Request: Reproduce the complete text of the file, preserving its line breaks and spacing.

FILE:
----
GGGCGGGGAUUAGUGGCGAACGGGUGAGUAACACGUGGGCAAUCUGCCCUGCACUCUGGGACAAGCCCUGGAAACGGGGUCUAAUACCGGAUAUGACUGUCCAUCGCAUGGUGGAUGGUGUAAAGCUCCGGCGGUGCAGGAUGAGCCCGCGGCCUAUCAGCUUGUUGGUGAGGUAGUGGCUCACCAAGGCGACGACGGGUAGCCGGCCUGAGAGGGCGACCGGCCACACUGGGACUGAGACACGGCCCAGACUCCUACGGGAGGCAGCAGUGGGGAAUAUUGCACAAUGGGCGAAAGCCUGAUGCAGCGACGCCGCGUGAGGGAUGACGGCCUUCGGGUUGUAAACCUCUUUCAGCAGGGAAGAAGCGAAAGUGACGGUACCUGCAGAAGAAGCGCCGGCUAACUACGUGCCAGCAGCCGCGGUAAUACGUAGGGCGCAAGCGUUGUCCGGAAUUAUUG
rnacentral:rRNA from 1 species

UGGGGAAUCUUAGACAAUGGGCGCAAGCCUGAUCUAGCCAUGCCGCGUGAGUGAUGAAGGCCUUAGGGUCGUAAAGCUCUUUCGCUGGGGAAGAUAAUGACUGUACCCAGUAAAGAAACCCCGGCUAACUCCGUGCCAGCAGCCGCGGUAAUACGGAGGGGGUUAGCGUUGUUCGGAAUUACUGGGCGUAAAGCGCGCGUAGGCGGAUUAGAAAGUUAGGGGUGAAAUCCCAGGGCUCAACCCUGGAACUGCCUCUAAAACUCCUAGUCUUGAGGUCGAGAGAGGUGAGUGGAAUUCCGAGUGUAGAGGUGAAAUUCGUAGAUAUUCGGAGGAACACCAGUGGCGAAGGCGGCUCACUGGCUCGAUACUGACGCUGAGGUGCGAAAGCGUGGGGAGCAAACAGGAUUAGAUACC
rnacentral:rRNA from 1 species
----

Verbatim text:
GGGCGGGGAUUAGUGGCGAACGGGUGAGUAACACGUGGGCAAUCUGCCCUGCACUCUGGGACAAGCCCUGGAAACGGGGUCUAAUACCGGAUAUGACUGUCCAUCGCAUGGUGGAUGGUGUAAAGCUCCGGCGGUGCAGGAUGAGCCCGCGGCCUAUCAGCUUGUUGGUGAGGUAGUGGCUCACCAAGGCGACGACGGGUAGCCGGCCUGAGAGGGCGACCGGCCACACUGGGACUGAGACACGGCCCAGACUCCUACGGGAGGCAGCAGUGGGGAAUAUUGCACAAUGGGCGAAAGCCUGAUGCAGCGACGCCGCGUGAGGGAUGACGGCCUUCGGGUUGUAAACCUCUUUCAGCAGGGAAGAAGCGAAAGUGACGGUACCUGCAGAAGAAGCGCCGGCUAACUACGUGCCAGCAGCCGCGGUAAUACGUAGGGCGCAAGCGUUGUCCGGAAUUAUUG
rnacentral:rRNA from 1 species

UGGGGAAUCUUAGACAAUGGGCGCAAGCCUGAUCUAGCCAUGCCGCGUGAGUGAUGAAGGCCUUAGGGUCGUAAAGCUCUUUCGCUGGGGAAGAUAAUGACUGUACCCAGUAAAGAAACCCCGGCUAACUCCGUGCCAGCAGCCGCGGUAAUACGGAGGGGGUUAGCGUUGUUCGGAAUUACUGGGCGUAAAGCGCGCGUAGGCGGAUUAGAAAGUUAGGGGUGAAAUCCCAGGGCUCAACCCUGGAACUGCCUCUAAAACUCCUAGUCUUGAGGUCGAGAGAGGUGAGUGGAAUUCCGAGUGUAGAGGUGAAAUUCGUAGAUAUUCGGAGGAACACCAGUGGCGAAGGCGGCUCACUGGCUCGAUACUGACGCUGAGGUGCGAAAGCGUGGGGAGCAAACAGGAUUAGAUACC
rnacentral:rRNA from 1 species